For more information: events@nationalcraftgallery.ie / Phone 056 7796151

For more information: events@nationalcraftgallery.ie / 056 7796151

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‘Material World’ Loftooo Art space, M50 Shanghai, China opens March 15th

Thursday, February 20th, 2014

 

‘MATERIAL WORLD’

‘Material World’ is part of the Irish Wave series of exhibitions curated by Fion Gunn. Irish, Taiwanese, French and Chinese artists explore physical, sensory & emotional responses to their lives and ideas. Situated in the art district of Moganshan, Loftoo Art Space is a private contemporary gallery for all media.

Working in a wide variety of media: painting, drawing, textile, glass, ceramic, sound/video a cultural visual conversation between intimate artworks and visitors occurs.

In keeping with the philosophy of IRISH WAVE the aim is to provide a diverse and inspiring experience for the Chinese public which will encourage an open-minded approach to different media and awareness of international trends.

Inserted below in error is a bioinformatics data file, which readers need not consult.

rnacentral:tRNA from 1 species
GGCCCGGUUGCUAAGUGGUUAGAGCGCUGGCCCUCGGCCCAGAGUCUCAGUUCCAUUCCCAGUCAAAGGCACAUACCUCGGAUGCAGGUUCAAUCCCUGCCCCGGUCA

Liquid String

Blown glass diamond point engraved, with solid formed glass hook.

w26 x h110 x d80

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CAUTION! Fragile. Irish Glass -Tradition in Transition at Museum of Glass Tacoma Washington USA November 9th 2013 – September 30th 2014

Thursday, October 24th, 2013

In collaboration with Róisin de Buitléar, Fred Curtis, Eamonn Hartley, and Greg Sullivan, three masters of glass cutting and engraving from Waterford Ireland create an exhibition; CAUTION! Fragile, Irish glass – Tradition in Transition 

Collectively considered, the work comments on the history and social experience of working in the Waterford Crystal factory and living in Ireland. The imagery is a narrative of human experience and historical change at a specific time and place. Language, music and land as symbolic repositories of culture are also embraced in this work. ‘CAUTION! Fragile’ not only refers to the delicate nature of glass but is also an appeal to cherish and respect the long tradition of glass engraving and cutting in Ireland

'St Patricks Bell'  Dim 34 x18 x12cm  Róisín de Buitléar, Fred Curtis. Blown glass, carved glass inclusion